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This is a brief discussion of Umberto Eco and, of course, of some speculative-fiction books by Eco.
This discussion and list does not necessarily include every book by Eco: it includes only those books that I both know and like. Just as with the author list itself, omission of a particular item may mean I didn’t think highly enough of the omitted item, or it may simply mean that I have not yet sufficient familiarity with it. (In a very few cases, I have listed some books merely on the strength of my opinion of the author: all such books are clearly marked below, as throughout these lists, with a hash mark (#) before the title so you know what’s what.)
I don’t pretend that this discussion is a deep analysis. My intent is no more than to give you a rough idea of what kinds of tales Eco tells, how those tales are usually told, and what makes them and Eco worthy; in sum, to help you rank Umberto Eco (and the works by Eco listed here) on your personal literary “to do” list.
A Few Words About Umberto Eco
Regrettably, I have not yet had an opportunity to write an essay on this author, but the “Other Resources” section below will lead you to some information about the “Notable Books” listed farther down this page.
Eco being a darling of mainstream lit-crit, there is a plethora of resource material on him, but you can find an awful lot of what is utile at just a few web sites. First is his current web site, titled simply Umberto Eco. Also valuable is the now-lost (but archived) Porta Ludovica, a sub-site of The Modern Word site. The latter presents quite a few links to further Eco resources: see the Umberto Eco Pages & Links there (but be aware that not a few of all those links are now dead, while others are of only marginal utility to any critical evaluation. Of some use, too, is The Umberto Eco Wiki [archived copy].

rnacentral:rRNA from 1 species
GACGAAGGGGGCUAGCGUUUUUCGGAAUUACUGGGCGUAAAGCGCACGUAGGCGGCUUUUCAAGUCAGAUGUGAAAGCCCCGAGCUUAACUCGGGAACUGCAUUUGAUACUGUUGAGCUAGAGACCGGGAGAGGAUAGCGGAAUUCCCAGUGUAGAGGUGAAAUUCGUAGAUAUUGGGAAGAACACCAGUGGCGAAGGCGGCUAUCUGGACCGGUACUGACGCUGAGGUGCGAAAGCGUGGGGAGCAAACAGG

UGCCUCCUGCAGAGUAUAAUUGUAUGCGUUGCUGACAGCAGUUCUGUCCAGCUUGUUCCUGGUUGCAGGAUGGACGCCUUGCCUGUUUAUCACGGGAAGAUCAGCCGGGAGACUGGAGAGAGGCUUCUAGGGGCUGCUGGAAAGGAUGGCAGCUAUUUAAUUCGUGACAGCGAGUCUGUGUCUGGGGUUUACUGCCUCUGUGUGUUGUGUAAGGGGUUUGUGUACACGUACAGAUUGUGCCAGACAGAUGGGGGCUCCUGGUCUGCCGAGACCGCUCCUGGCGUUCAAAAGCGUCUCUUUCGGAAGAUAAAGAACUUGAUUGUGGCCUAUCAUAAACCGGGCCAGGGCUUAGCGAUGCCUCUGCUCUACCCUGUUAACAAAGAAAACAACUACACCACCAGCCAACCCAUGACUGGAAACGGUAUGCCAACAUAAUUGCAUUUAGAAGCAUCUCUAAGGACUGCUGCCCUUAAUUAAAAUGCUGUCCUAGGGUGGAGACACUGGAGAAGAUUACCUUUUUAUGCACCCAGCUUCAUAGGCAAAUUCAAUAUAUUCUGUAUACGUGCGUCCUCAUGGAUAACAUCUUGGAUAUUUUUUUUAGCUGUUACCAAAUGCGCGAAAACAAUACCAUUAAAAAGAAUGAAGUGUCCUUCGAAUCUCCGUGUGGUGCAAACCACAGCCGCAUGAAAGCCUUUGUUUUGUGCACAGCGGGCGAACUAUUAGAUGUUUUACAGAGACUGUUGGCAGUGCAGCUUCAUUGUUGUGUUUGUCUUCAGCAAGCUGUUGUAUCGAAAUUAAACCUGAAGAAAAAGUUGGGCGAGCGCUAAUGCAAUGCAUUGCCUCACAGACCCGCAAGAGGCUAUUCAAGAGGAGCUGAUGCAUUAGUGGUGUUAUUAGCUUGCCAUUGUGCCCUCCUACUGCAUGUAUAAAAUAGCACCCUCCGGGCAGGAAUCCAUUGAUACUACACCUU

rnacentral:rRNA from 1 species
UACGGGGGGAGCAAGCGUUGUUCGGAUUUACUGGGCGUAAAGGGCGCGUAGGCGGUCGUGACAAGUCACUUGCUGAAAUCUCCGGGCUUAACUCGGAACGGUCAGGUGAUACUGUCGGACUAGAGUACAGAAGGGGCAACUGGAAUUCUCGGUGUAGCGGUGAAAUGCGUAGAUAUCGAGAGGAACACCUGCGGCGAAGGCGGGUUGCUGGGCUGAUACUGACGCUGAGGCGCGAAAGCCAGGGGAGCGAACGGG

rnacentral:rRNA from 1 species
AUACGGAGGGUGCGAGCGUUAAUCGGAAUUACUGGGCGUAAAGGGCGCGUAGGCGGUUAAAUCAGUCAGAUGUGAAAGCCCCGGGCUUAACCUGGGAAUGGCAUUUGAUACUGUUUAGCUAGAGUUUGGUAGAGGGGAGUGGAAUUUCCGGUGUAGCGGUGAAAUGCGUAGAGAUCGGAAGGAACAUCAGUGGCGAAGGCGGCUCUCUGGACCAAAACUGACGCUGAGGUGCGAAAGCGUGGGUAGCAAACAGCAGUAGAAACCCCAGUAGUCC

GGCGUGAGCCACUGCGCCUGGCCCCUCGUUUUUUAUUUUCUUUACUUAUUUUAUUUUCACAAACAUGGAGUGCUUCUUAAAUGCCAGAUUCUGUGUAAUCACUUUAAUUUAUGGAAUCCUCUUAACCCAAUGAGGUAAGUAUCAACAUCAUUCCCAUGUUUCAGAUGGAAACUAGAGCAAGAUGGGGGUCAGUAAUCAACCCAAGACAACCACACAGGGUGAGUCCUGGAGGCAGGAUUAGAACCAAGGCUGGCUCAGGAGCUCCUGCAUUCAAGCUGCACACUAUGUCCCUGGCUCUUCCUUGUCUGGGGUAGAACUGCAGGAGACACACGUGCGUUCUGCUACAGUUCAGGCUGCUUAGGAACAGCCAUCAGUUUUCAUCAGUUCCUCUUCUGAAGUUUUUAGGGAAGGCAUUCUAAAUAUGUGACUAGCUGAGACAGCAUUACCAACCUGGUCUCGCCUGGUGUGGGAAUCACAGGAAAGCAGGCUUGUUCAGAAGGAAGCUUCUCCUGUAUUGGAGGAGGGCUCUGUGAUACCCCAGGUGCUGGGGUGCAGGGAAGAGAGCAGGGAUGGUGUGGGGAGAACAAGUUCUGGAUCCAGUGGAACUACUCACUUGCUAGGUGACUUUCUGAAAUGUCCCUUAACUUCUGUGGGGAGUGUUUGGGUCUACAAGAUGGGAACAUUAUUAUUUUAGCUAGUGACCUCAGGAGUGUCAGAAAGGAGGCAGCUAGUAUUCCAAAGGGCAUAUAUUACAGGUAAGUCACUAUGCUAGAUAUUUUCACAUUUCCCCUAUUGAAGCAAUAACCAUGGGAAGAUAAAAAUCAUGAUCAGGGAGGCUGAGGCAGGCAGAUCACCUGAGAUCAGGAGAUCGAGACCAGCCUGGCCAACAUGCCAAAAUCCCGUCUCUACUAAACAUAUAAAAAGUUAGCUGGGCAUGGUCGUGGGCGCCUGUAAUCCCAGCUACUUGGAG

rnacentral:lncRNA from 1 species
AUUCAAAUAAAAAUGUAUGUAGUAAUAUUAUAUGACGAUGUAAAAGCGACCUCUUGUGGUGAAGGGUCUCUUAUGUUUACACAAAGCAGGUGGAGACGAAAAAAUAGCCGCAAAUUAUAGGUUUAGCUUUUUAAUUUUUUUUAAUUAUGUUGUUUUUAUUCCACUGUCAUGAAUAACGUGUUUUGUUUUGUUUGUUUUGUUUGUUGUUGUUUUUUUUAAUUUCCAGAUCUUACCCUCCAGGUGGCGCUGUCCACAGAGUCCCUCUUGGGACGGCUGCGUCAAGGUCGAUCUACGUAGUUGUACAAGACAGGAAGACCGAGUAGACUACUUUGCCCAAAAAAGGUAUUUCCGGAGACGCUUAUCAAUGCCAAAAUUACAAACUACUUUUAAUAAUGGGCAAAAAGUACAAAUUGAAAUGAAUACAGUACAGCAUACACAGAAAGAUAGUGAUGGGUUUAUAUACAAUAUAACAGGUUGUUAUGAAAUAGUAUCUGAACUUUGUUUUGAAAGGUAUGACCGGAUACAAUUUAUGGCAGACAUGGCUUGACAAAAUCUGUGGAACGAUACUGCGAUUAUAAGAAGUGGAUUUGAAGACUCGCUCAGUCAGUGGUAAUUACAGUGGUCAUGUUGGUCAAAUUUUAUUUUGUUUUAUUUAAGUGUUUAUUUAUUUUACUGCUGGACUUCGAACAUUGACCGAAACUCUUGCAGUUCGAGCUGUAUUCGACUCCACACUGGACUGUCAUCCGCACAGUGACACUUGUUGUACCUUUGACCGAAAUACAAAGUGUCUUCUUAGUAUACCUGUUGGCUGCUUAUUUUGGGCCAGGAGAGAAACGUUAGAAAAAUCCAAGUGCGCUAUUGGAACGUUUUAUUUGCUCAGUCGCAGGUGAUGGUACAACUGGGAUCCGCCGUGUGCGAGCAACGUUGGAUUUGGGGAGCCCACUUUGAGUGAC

A few other focussed and useful Eco resources include—of course—the ever-useful Author’s CalendarUmberto Eco page, and the article “A Resounding Eco” at Time [archived copy].
There is, of course, a ton more material, including interviews, one-off reviews of particular books (Porto Ludovico has within it a highly useful tabulation of Selected Reviews of Eco texts) [archived copy], and even essays and articles by Eco himself. But somehow, though Eco certainly has produced a real oeuvre, the marvels of modernity have very nearly reduced him to being someone, as the wondeful line goes, “famous for being famous”, and much of the material is more about Eco than about the works. Anyway, as always, to dig beyond what is descibed above, Google Is Your Friend.
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This page was last modified on Wednesday, 29 November 2023, at 11:05 pm Pacific Time.